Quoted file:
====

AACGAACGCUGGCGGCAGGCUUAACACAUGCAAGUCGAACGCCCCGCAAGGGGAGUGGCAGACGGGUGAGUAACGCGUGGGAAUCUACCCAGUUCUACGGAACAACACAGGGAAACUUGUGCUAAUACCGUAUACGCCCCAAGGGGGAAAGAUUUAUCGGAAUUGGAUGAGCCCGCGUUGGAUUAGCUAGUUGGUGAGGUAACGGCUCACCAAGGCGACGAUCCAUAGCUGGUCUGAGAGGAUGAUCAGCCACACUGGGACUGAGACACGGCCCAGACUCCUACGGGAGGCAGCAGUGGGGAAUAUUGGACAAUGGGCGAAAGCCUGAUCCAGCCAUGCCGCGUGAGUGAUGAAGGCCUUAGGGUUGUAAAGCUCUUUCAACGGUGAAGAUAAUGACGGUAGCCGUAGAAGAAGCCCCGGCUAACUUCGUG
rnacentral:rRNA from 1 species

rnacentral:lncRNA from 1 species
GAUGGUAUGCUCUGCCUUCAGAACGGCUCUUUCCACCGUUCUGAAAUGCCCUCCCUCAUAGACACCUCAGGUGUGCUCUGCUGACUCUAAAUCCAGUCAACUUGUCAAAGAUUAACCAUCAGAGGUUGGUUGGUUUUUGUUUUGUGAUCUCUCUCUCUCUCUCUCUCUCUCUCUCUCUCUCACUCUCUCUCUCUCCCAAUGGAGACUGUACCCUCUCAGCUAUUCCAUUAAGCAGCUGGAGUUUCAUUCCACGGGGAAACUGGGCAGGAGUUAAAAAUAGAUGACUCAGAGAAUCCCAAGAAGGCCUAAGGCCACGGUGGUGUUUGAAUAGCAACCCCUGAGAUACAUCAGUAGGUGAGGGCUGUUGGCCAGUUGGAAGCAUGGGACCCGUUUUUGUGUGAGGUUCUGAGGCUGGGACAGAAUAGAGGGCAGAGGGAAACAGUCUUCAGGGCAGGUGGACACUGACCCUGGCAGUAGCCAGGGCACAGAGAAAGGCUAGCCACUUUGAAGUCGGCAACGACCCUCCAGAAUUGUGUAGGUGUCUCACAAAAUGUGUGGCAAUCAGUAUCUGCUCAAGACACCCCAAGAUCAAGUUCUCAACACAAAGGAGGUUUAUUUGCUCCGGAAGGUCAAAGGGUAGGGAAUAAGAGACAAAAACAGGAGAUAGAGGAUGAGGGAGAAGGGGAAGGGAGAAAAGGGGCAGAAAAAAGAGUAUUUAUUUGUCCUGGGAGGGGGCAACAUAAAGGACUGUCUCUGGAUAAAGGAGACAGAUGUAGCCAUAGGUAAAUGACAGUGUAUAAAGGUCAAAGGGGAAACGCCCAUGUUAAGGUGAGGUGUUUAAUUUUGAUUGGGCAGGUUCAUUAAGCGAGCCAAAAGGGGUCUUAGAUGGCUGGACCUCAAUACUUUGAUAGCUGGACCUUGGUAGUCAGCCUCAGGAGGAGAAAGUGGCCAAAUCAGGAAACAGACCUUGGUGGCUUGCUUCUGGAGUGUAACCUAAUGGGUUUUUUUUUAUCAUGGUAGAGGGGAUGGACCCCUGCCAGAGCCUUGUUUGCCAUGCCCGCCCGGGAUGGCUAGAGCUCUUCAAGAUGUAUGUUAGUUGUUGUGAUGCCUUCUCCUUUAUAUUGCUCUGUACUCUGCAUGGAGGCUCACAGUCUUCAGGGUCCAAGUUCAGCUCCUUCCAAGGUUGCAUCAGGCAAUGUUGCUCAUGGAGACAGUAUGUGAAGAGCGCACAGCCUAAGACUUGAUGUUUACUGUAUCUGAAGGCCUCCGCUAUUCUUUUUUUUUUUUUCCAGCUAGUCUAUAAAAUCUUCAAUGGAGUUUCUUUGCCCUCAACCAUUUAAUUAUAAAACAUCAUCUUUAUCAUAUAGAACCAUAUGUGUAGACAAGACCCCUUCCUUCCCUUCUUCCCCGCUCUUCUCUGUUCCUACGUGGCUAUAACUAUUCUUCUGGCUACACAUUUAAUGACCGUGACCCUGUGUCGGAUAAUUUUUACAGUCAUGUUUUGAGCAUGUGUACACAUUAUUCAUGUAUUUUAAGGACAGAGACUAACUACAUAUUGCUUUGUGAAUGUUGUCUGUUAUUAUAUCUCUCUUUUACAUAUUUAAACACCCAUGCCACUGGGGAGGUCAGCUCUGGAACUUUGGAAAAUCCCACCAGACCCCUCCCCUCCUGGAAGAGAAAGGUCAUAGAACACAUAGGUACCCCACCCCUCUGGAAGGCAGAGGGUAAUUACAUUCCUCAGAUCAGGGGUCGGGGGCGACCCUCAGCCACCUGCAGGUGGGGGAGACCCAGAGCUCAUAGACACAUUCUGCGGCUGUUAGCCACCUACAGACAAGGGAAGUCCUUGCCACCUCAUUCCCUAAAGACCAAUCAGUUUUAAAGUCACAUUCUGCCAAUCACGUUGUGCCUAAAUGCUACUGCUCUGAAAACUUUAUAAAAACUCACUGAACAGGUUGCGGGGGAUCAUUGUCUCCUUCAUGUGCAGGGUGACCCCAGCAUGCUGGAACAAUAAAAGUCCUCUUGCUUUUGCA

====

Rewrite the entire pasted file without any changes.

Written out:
AACGAACGCUGGCGGCAGGCUUAACACAUGCAAGUCGAACGCCCCGCAAGGGGAGUGGCAGACGGGUGAGUAACGCGUGGGAAUCUACCCAGUUCUACGGAACAACACAGGGAAACUUGUGCUAAUACCGUAUACGCCCCAAGGGGGAAAGAUUUAUCGGAAUUGGAUGAGCCCGCGUUGGAUUAGCUAGUUGGUGAGGUAACGGCUCACCAAGGCGACGAUCCAUAGCUGGUCUGAGAGGAUGAUCAGCCACACUGGGACUGAGACACGGCCCAGACUCCUACGGGAGGCAGCAGUGGGGAAUAUUGGACAAUGGGCGAAAGCCUGAUCCAGCCAUGCCGCGUGAGUGAUGAAGGCCUUAGGGUUGUAAAGCUCUUUCAACGGUGAAGAUAAUGACGGUAGCCGUAGAAGAAGCCCCGGCUAACUUCGUG
rnacentral:rRNA from 1 species

rnacentral:lncRNA from 1 species
GAUGGUAUGCUCUGCCUUCAGAACGGCUCUUUCCACCGUUCUGAAAUGCCCUCCCUCAUAGACACCUCAGGUGUGCUCUGCUGACUCUAAAUCCAGUCAACUUGUCAAAGAUUAACCAUCAGAGGUUGGUUGGUUUUUGUUUUGUGAUCUCUCUCUCUCUCUCUCUCUCUCUCUCUCUCUCACUCUCUCUCUCUCCCAAUGGAGACUGUACCCUCUCAGCUAUUCCAUUAAGCAGCUGGAGUUUCAUUCCACGGGGAAACUGGGCAGGAGUUAAAAAUAGAUGACUCAGAGAAUCCCAAGAAGGCCUAAGGCCACGGUGGUGUUUGAAUAGCAACCCCUGAGAUACAUCAGUAGGUGAGGGCUGUUGGCCAGUUGGAAGCAUGGGACCCGUUUUUGUGUGAGGUUCUGAGGCUGGGACAGAAUAGAGGGCAGAGGGAAACAGUCUUCAGGGCAGGUGGACACUGACCCUGGCAGUAGCCAGGGCACAGAGAAAGGCUAGCCACUUUGAAGUCGGCAACGACCCUCCAGAAUUGUGUAGGUGUCUCACAAAAUGUGUGGCAAUCAGUAUCUGCUCAAGACACCCCAAGAUCAAGUUCUCAACACAAAGGAGGUUUAUUUGCUCCGGAAGGUCAAAGGGUAGGGAAUAAGAGACAAAAACAGGAGAUAGAGGAUGAGGGAGAAGGGGAAGGGAGAAAAGGGGCAGAAAAAAGAGUAUUUAUUUGUCCUGGGAGGGGGCAACAUAAAGGACUGUCUCUGGAUAAAGGAGACAGAUGUAGCCAUAGGUAAAUGACAGUGUAUAAAGGUCAAAGGGGAAACGCCCAUGUUAAGGUGAGGUGUUUAAUUUUGAUUGGGCAGGUUCAUUAAGCGAGCCAAAAGGGGUCUUAGAUGGCUGGACCUCAAUACUUUGAUAGCUGGACCUUGGUAGUCAGCCUCAGGAGGAGAAAGUGGCCAAAUCAGGAAACAGACCUUGGUGGCUUGCUUCUGGAGUGUAACCUAAUGGGUUUUUUUUUAUCAUGGUAGAGGGGAUGGACCCCUGCCAGAGCCUUGUUUGCCAUGCCCGCCCGGGAUGGCUAGAGCUCUUCAAGAUGUAUGUUAGUUGUUGUGAUGCCUUCUCCUUUAUAUUGCUCUGUACUCUGCAUGGAGGCUCACAGUCUUCAGGGUCCAAGUUCAGCUCCUUCCAAGGUUGCAUCAGGCAAUGUUGCUCAUGGAGACAGUAUGUGAAGAGCGCACAGCCUAAGACUUGAUGUUUACUGUAUCUGAAGGCCUCCGCUAUUCUUUUUUUUUUUUUCCAGCUAGUCUAUAAAAUCUUCAAUGGAGUUUCUUUGCCCUCAACCAUUUAAUUAUAAAACAUCAUCUUUAUCAUAUAGAACCAUAUGUGUAGACAAGACCCCUUCCUUCCCUUCUUCCCCGCUCUUCUCUGUUCCUACGUGGCUAUAACUAUUCUUCUGGCUACACAUUUAAUGACCGUGACCCUGUGUCGGAUAAUUUUUACAGUCAUGUUUUGAGCAUGUGUACACAUUAUUCAUGUAUUUUAAGGACAGAGACUAACUACAUAUUGCUUUGUGAAUGUUGUCUGUUAUUAUAUCUCUCUUUUACAUAUUUAAACACCCAUGCCACUGGGGAGGUCAGCUCUGGAACUUUGGAAAAUCCCACCAGACCCCUCCCCUCCUGGAAGAGAAAGGUCAUAGAACACAUAGGUACCCCACCCCUCUGGAAGGCAGAGGGUAAUUACAUUCCUCAGAUCAGGGGUCGGGGGCGACCCUCAGCCACCUGCAGGUGGGGGAGACCCAGAGCUCAUAGACACAUUCUGCGGCUGUUAGCCACCUACAGACAAGGGAAGUCCUUGCCACCUCAUUCCCUAAAGACCAAUCAGUUUUAAAGUCACAUUCUGCCAAUCACGUUGUGCCUAAAUGCUACUGCUCUGAAAACUUUAUAAAAACUCACUGAACAGGUUGCGGGGGAUCAUUGUCUCCUUCAUGUGCAGGGUGACCCCAGCAUGCUGGAACAAUAAAAGUCCUCUUGCUUUUGCA